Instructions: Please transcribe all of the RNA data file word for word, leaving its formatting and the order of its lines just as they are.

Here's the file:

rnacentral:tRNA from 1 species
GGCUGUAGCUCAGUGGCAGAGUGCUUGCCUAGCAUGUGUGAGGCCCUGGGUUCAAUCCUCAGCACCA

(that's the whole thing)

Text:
rnacentral:tRNA from 1 species
GGCUGUAGCUCAGUGGCAGAGUGCUUGCCUAGCAUGUGUGAGGCCCUGGGUUCAAUCCUCAGCACCA